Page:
Juicing has become all the rage in recent years—but it doesn’t mean you should necessarily skip out on the smoothies or raw fruits and veggies you love. All are healthy options, but each poses pros and cons—here’s a few you should know.
Juicing Fruits & Veggies
Juicing extracts the water and nutrients from your produce—and leaves the fiber behind.
High nutrient content.Juicing requires much more produce than smoothies, which increases the nutritional content of the drink.
Easy digestion. Without the fiber smoothies or raw fruits and veggies have, juices give your digestive system a break, and allow your body to quickly absorb the vitamin and mineral content.
High sugar content. Since the insoluble fiber has been removed, the sugar content per volume increases—which can cause a significant insulin spike.
Short shelf-life. Light and air break down the nutrients; it’s best to drink up within 15 minutes of juicing.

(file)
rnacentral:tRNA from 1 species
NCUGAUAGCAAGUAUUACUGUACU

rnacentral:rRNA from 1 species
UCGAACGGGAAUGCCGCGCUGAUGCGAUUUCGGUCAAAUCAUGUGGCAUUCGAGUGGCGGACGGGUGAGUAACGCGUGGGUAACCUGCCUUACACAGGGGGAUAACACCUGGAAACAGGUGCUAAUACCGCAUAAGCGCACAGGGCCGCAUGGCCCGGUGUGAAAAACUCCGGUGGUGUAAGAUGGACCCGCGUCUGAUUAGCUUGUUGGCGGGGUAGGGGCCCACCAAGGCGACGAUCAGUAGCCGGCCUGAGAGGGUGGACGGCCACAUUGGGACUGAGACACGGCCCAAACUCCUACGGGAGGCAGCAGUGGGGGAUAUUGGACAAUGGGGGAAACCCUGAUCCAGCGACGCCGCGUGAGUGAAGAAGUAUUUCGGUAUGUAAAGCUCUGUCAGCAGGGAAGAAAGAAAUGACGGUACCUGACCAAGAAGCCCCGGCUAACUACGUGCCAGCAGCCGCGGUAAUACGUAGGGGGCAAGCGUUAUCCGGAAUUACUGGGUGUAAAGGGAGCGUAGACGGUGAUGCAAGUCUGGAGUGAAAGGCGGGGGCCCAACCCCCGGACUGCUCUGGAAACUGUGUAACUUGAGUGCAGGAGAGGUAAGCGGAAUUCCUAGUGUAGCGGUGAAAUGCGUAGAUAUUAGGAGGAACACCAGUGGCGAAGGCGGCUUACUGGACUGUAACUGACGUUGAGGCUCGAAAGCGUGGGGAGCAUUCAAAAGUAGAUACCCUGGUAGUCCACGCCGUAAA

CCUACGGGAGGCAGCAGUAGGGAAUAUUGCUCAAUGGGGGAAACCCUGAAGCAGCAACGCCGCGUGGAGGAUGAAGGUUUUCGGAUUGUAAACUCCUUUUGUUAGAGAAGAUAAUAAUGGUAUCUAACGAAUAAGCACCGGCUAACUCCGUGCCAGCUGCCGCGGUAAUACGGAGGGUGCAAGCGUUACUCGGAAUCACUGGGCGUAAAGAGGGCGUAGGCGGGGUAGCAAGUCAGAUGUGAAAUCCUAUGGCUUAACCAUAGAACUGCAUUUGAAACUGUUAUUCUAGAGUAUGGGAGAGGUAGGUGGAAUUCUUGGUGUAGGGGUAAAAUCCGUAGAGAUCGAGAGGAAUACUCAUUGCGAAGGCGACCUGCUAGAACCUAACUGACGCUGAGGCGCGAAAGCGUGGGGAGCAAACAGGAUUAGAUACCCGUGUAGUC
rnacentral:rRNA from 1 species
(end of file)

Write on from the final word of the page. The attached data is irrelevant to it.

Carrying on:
Blending Fruits & Veggies
The classic way to get your fruits and veggies—blending uses the entire the fruit or vegetable, often skin and all.
Satisfaction and creativity. Unlike juices, smoothies will leave you fuller, longer. Also, you can get creative with smoothies; add chia seeds, Greek yogurt or almond butter for a healthy addition.
High in fiber. A con in some cases, the high fiber content in smoothies can also be beneficial by keeping your digestive system in check and lowering your risk of diabetes and heart disease.
“Hidden” calories. Ingredients like almonds, Greek yogurt and avocado can quickly increase the calories in your smoothie. This doesn’t mean you shouldn’t add ‘em! Use in moderation.
Drink-up quick. Just like with juices, smoothies lose their nutrient content quickly—and it can be harder to gulp down a smoothie within 15 minutes.
Mincing Raw Veggies—“Slaw”
Create a healthful snack, meal or garnish by mincing or finely chopping your vegetables into a slaw form.
Feels like a meal. These minced or finely chopped vegetables serve as a great side dish, garnish or as a topping for salads and sandwiches. Add organic extra-virgin olive oil for the added benefit of healthy fats.
Longer shelf-life. Slaw will last longer in the fridge than juices or smoothies; keep for 24-48 hours once prepared.
Digestive issues. For some, especially people who suffer from celiac disease and other conditions, the intact fiber can make digestion more difficult.
Prep time. Slaw can take a bit more time than juicing or smoothies—especially if you’ve opted to chop by hand.